I have been trying to write a blog about things I encountered in my early life with T1D, but I cannot seem to get in the necessary mood for doing this. Every time I start, I feel bored, and cannot continue. I used to love writing blogs, and have presented many here, but I have not been comfortable in doing this for several months now. I think I may be experiencing blogger burnout. There is actually some discussion of blogger burnout on Google, so I am not feeling so guilty about it. I have been presenting topics that are important to me, new device info, other peoples' blogs, etc...but no original blogs since the one called "Trying To Avoid Diabetes Complications". You can scroll down to find that one.
Maybe I will be in the mood to write some original, new blogs after the holidays. I will let that be one of my New Year's resolutions....maybe.
Do any of you experience this kind of burnout?
I just realized that I have now written a blog about not being in the mood to write a blog. Does this count as a blog? lol

Monday, December 14, 2015

Insulin, Over The Counter

There are diabetics in the US who do not have insurance, and cannot afford the more expensive prescription insulins. WalMart sells some much cheaper insulins over the counter. This could save lives, but good blood sugar control is more difficult. I would not use this cheaper insulin unless it was my last resort.


Saturday, December 12, 2015

Safe Insulin Injections

I did not know that I was supposed to use site rotation, and use different body parts, for many many years. Now I have much scar tissue on my abdomen, and poor absorption of my insulin. This article gives good information about the proper way of injecting insulin.


Thursday, December 10, 2015

Great Advice, Great Endo

A Facebook friend, Laddie Lindahl, has written a great blog. Her endo gave her good advice by saying "Stop being so hard on yourself. Stop micromanaging. Stop obsessing over insignificant changes in health indices. Stop driving yourself crazy. Be confident that you are doing a good job." Hmmm, I wonder how far I would have to commute to visit this doctor.

Wednesday, December 9, 2015

Avoiding Diabetes Complications

The Diabetes Health magazine published an article stating that diabetics should maintain a good BG average and A1c, and avoid a roller coaster type of control. The roller coaster type of control involves having many highs and lows, and that would involve data widely scattered above and below the average. Blood sugars that rise and fall on the path of a roller coaster are a shock to the body. Experiencing this shock over a long period of time can lead to diabetes related complications, even if the A1c is good. I will demonstrate with two examples.
Patient 'A' has test results 40, 55, 65, 100, 135, 145, and 160. The average is 100, but there are numbers that indicate unhealthy highs and lows.
Patient 'B' has test results 72, 80, 94, 100, 106, 120 and 128. The average is again 100, but the data is more closely packed, and none of the numbers are undesirable. Patient B is experiencing much better control, and is much less likely to have diabetes complications.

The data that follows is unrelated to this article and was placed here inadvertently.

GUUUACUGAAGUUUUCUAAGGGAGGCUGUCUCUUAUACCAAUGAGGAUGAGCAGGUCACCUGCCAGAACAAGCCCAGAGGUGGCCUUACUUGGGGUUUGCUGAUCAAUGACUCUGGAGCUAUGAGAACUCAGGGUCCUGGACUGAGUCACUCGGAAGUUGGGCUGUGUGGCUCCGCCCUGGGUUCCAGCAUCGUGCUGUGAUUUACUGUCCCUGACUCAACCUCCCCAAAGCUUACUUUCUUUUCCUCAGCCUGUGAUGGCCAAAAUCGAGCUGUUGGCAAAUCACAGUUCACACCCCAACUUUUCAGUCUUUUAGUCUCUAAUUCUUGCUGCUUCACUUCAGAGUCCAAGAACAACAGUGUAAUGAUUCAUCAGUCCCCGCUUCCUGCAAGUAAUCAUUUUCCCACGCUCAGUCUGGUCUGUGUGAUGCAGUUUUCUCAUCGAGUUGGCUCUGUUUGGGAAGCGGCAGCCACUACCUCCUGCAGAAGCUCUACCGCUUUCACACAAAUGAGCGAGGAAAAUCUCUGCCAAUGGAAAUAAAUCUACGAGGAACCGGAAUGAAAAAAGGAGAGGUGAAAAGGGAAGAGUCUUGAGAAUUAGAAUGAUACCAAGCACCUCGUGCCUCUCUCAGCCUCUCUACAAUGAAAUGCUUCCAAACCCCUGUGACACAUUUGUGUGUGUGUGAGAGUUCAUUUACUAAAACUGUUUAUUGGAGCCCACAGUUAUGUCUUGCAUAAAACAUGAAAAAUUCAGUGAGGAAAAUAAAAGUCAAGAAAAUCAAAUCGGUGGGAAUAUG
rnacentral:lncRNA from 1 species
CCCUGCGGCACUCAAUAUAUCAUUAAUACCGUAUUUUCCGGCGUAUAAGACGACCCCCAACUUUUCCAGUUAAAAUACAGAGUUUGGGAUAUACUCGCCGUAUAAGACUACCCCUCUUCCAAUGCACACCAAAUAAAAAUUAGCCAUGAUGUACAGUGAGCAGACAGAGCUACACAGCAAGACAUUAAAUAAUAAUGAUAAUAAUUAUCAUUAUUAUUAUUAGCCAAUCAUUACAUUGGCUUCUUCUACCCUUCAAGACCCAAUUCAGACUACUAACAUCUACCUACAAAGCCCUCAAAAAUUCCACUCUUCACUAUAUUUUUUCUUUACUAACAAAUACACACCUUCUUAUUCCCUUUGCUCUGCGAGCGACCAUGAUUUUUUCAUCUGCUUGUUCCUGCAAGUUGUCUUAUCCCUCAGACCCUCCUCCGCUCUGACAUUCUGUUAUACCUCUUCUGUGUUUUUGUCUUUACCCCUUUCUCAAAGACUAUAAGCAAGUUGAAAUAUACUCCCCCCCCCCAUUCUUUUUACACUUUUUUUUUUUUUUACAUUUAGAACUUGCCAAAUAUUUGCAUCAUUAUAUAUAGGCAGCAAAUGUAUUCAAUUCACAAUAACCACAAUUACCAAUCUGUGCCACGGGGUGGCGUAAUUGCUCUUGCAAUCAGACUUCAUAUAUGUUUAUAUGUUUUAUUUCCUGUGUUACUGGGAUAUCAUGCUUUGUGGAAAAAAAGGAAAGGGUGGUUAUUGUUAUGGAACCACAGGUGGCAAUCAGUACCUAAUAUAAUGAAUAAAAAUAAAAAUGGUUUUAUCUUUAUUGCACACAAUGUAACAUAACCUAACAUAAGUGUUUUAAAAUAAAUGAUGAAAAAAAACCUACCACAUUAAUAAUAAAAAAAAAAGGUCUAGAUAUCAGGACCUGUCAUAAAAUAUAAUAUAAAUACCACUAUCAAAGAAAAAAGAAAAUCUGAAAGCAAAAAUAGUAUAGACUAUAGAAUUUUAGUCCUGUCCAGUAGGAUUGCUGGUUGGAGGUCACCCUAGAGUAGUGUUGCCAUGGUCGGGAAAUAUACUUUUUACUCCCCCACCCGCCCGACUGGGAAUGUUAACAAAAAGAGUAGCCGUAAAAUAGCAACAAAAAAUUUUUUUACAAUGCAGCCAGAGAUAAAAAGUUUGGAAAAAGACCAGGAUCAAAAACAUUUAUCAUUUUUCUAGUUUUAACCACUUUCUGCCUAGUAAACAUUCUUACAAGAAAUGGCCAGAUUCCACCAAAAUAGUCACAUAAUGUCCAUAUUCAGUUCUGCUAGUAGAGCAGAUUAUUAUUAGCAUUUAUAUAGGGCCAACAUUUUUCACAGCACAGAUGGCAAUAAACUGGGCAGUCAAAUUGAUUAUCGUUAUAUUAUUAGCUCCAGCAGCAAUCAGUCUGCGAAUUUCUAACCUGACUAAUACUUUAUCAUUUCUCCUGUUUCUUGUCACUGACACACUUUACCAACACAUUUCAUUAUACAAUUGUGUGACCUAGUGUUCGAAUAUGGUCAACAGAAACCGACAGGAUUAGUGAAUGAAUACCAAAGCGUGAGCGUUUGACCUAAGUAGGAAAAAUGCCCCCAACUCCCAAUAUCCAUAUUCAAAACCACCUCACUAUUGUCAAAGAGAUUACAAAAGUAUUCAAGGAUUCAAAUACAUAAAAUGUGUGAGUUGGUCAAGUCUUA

The purpose of this discussion is to mention the fact that a very good blood sugar average can still involve diabetes complications if there is a significant number of highs and lows over a long period of time. Don't rely solely on a blood sugar average and A1c. Try your best to avoid so many highs and lows. A good average accompanied by a stable control is the best way to avoid complications. Proper dieting and well chosen exercise routines can help very much in avoiding the highs and lows.
I had A1c's less than 6.0 for several years, but had the beginning stages of neuropathy and retinopathy. My control had been tight, but it was necessary to make it even tighter. I stopped having so many highs and lows, and after a few months had passed, the retinopathy disappeared. The neuropathy is still present in one foot, but I rarely experience any pain. If I have high blood sugar for several hours there is sometimes mild pain during the night. I have been a diabetic for 70 years, and have not had any serious complications. I want to keep it that way!!

Tuesday, December 8, 2015

Boundaries/ Doctors and Patients

Does your doctor share information about his/her own life with you? Is it okay for doctors to socialize with their patients?
"Doctors are divided on how strict the boundaries should be. Some have firm rules against socializing with patients or revealing personal details about their own lives. Others say a closer relationship can build trust and make it more likely patients will follow medical advice."


Friday, December 4, 2015

Wonderful T1 Child Video

Look at this little type 1 girl, and watch her video. She is wonderful, and the video is excellent. smile emoticon


"Using a patient’s own cells – identifying them, isolating them, expanding them, and infusing them back into the patient – is an exciting new pillar for drug development."